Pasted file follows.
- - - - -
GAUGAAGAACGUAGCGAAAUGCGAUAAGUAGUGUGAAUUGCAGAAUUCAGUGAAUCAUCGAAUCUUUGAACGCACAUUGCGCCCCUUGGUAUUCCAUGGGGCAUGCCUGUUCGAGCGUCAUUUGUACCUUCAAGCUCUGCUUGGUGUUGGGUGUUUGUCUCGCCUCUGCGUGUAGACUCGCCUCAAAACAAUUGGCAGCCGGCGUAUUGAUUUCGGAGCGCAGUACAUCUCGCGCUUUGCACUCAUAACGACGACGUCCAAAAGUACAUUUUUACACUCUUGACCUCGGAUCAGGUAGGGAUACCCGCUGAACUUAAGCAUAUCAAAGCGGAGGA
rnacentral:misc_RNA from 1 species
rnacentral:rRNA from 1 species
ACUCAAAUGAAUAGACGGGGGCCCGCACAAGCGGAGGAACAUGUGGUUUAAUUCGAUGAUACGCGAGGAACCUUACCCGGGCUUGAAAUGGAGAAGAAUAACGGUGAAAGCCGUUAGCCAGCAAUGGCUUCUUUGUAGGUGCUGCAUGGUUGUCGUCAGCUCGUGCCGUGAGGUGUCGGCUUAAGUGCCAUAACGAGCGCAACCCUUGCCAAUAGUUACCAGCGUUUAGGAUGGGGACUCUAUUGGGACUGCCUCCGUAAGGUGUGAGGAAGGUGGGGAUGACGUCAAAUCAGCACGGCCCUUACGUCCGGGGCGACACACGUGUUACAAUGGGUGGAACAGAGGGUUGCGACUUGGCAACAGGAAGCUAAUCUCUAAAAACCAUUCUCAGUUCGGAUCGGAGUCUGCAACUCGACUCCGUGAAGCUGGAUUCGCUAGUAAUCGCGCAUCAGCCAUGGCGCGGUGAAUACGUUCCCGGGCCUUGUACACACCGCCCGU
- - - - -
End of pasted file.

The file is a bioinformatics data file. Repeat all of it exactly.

GAUGAAGAACGUAGCGAAAUGCGAUAAGUAGUGUGAAUUGCAGAAUUCAGUGAAUCAUCGAAUCUUUGAACGCACAUUGCGCCCCUUGGUAUUCCAUGGGGCAUGCCUGUUCGAGCGUCAUUUGUACCUUCAAGCUCUGCUUGGUGUUGGGUGUUUGUCUCGCCUCUGCGUGUAGACUCGCCUCAAAACAAUUGGCAGCCGGCGUAUUGAUUUCGGAGCGCAGUACAUCUCGCGCUUUGCACUCAUAACGACGACGUCCAAAAGUACAUUUUUACACUCUUGACCUCGGAUCAGGUAGGGAUACCCGCUGAACUUAAGCAUAUCAAAGCGGAGGA
rnacentral:misc_RNA from 1 species
rnacentral:rRNA from 1 species
ACUCAAAUGAAUAGACGGGGGCCCGCACAAGCGGAGGAACAUGUGGUUUAAUUCGAUGAUACGCGAGGAACCUUACCCGGGCUUGAAAUGGAGAAGAAUAACGGUGAAAGCCGUUAGCCAGCAAUGGCUUCUUUGUAGGUGCUGCAUGGUUGUCGUCAGCUCGUGCCGUGAGGUGUCGGCUUAAGUGCCAUAACGAGCGCAACCCUUGCCAAUAGUUACCAGCGUUUAGGAUGGGGACUCUAUUGGGACUGCCUCCGUAAGGUGUGAGGAAGGUGGGGAUGACGUCAAAUCAGCACGGCCCUUACGUCCGGGGCGACACACGUGUUACAAUGGGUGGAACAGAGGGUUGCGACUUGGCAACAGGAAGCUAAUCUCUAAAAACCAUUCUCAGUUCGGAUCGGAGUCUGCAACUCGACUCCGUGAAGCUGGAUUCGCUAGUAAUCGCGCAUCAGCCAUGGCGCGGUGAAUACGUUCCCGGGCCUUGUACACACCGCCCGU